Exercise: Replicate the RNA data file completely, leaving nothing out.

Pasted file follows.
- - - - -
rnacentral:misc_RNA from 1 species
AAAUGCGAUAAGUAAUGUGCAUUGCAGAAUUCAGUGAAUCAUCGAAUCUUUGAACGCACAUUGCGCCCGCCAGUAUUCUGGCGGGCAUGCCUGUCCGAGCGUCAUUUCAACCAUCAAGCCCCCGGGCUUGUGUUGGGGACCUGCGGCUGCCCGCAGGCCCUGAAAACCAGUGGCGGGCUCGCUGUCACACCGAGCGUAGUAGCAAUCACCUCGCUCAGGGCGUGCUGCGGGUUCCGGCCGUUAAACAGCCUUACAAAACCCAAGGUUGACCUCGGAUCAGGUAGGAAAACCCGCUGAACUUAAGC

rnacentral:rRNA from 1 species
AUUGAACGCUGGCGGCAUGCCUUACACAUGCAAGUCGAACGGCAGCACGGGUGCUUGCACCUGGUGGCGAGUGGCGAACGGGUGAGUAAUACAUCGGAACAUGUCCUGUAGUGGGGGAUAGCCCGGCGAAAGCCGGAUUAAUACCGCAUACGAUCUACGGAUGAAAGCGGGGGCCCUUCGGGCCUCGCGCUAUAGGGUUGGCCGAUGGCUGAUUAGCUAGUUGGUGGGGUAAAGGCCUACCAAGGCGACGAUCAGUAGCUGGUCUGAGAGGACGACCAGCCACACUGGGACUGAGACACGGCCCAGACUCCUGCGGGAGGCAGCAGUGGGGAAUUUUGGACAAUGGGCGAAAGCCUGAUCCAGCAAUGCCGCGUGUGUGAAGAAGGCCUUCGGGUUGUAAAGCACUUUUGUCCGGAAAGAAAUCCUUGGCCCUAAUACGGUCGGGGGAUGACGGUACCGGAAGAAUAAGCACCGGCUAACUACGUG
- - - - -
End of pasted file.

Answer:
rnacentral:misc_RNA from 1 species
AAAUGCGAUAAGUAAUGUGCAUUGCAGAAUUCAGUGAAUCAUCGAAUCUUUGAACGCACAUUGCGCCCGCCAGUAUUCUGGCGGGCAUGCCUGUCCGAGCGUCAUUUCAACCAUCAAGCCCCCGGGCUUGUGUUGGGGACCUGCGGCUGCCCGCAGGCCCUGAAAACCAGUGGCGGGCUCGCUGUCACACCGAGCGUAGUAGCAAUCACCUCGCUCAGGGCGUGCUGCGGGUUCCGGCCGUUAAACAGCCUUACAAAACCCAAGGUUGACCUCGGAUCAGGUAGGAAAACCCGCUGAACUUAAGC

rnacentral:rRNA from 1 species
AUUGAACGCUGGCGGCAUGCCUUACACAUGCAAGUCGAACGGCAGCACGGGUGCUUGCACCUGGUGGCGAGUGGCGAACGGGUGAGUAAUACAUCGGAACAUGUCCUGUAGUGGGGGAUAGCCCGGCGAAAGCCGGAUUAAUACCGCAUACGAUCUACGGAUGAAAGCGGGGGCCCUUCGGGCCUCGCGCUAUAGGGUUGGCCGAUGGCUGAUUAGCUAGUUGGUGGGGUAAAGGCCUACCAAGGCGACGAUCAGUAGCUGGUCUGAGAGGACGACCAGCCACACUGGGACUGAGACACGGCCCAGACUCCUGCGGGAGGCAGCAGUGGGGAAUUUUGGACAAUGGGCGAAAGCCUGAUCCAGCAAUGCCGCGUGUGUGAAGAAGGCCUUCGGGUUGUAAAGCACUUUUGUCCGGAAAGAAAUCCUUGGCCCUAAUACGGUCGGGGGAUGACGGUACCGGAAGAAUAAGCACCGGCUAACUACGUG